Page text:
• Scleral buckling. Your surgeon stitches bits of rubber or sponge onto your eye, and the tissue around it is frozen or heated to scar up the tissue.
  • Freezing. Cryotherapy lets your surgeon freeze the tear in your retina and connect it to the back of your eye.
  • Lasers. Tissue on either side of the tear is burned and scarred with a laser, so it shrinks and knits together.

vitrectomy

These are sophisticated procedures, and you'll need an ophthalmologist to do the work. This isn't something a standard doctor or therapist can do. But they're often provided on an outpatient basis, so you can go home the same day.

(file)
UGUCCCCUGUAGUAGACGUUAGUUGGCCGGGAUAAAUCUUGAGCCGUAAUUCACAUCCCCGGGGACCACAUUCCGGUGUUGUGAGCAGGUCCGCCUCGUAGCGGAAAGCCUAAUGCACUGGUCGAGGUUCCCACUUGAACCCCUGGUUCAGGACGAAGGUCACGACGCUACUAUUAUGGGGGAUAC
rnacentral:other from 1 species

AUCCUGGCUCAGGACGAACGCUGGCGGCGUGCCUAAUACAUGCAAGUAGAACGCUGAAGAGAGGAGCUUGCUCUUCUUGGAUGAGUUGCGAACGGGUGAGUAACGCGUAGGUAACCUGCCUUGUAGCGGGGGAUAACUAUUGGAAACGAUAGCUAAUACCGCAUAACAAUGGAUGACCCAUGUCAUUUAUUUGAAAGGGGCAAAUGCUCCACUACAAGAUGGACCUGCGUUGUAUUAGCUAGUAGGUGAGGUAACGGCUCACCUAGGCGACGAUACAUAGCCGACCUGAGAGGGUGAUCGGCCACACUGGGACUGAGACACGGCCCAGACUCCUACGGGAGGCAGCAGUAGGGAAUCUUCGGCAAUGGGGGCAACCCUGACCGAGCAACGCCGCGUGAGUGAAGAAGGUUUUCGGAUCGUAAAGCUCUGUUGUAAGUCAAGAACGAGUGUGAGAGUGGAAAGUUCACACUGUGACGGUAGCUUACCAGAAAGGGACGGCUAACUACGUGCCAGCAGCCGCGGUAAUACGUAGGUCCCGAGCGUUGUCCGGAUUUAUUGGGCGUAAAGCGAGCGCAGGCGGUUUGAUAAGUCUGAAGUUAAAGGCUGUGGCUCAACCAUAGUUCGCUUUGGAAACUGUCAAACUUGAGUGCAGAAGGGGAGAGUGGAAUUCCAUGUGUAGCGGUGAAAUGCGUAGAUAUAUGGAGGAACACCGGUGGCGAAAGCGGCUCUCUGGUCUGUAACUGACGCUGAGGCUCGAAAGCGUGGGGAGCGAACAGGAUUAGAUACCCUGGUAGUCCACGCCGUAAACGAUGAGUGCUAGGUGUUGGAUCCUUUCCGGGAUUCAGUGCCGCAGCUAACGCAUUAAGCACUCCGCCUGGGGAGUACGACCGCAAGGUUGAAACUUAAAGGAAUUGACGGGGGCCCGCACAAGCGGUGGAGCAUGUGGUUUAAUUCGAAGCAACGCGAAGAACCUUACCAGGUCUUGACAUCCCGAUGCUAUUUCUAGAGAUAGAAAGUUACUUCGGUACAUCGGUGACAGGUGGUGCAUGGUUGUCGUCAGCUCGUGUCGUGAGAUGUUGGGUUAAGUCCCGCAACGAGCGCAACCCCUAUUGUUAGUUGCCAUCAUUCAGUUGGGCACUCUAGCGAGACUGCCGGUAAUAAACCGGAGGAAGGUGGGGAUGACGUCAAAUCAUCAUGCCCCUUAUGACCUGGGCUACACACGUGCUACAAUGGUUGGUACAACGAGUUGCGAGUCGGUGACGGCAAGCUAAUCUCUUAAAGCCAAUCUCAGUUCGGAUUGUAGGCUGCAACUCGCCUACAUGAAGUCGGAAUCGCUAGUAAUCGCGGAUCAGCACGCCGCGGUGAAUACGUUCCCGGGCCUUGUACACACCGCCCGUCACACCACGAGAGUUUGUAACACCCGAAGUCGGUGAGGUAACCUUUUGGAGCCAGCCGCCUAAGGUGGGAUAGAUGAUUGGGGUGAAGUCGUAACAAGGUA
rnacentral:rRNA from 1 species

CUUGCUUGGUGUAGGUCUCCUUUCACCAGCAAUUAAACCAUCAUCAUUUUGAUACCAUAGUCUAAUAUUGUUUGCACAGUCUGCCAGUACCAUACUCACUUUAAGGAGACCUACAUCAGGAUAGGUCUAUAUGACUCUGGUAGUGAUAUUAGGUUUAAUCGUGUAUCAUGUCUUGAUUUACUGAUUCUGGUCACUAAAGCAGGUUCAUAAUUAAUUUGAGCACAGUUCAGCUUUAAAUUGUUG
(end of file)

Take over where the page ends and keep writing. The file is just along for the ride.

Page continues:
Even if you need more than one surgery, you still have a great chance at clear vision. In a study from the Journal of Ophthalmology, researchers said 80 percent of people with multiple retinal detachment surgeries had successful procedures. The researchers noted that the number of operations didn't relate to visual acuity.

This should be good news if you're worried about losing your sight due to retinal detachment. But it's best to avoid the issue in the first place, and that isn't always easy.

Risk Factors

Retinal detachment can happen to anyone, and there are some risk factors you can't change. But there are a few things you can do to keep your eyes healthy.

The American Academy of Ophthalmology says retinal detachment risk factors include:

  • The use of some glaucoma medications.
  • Serious eye injuries.
  • A family history of retinal detachment.
  • Previous eye surgery.
  • Nearsightedness.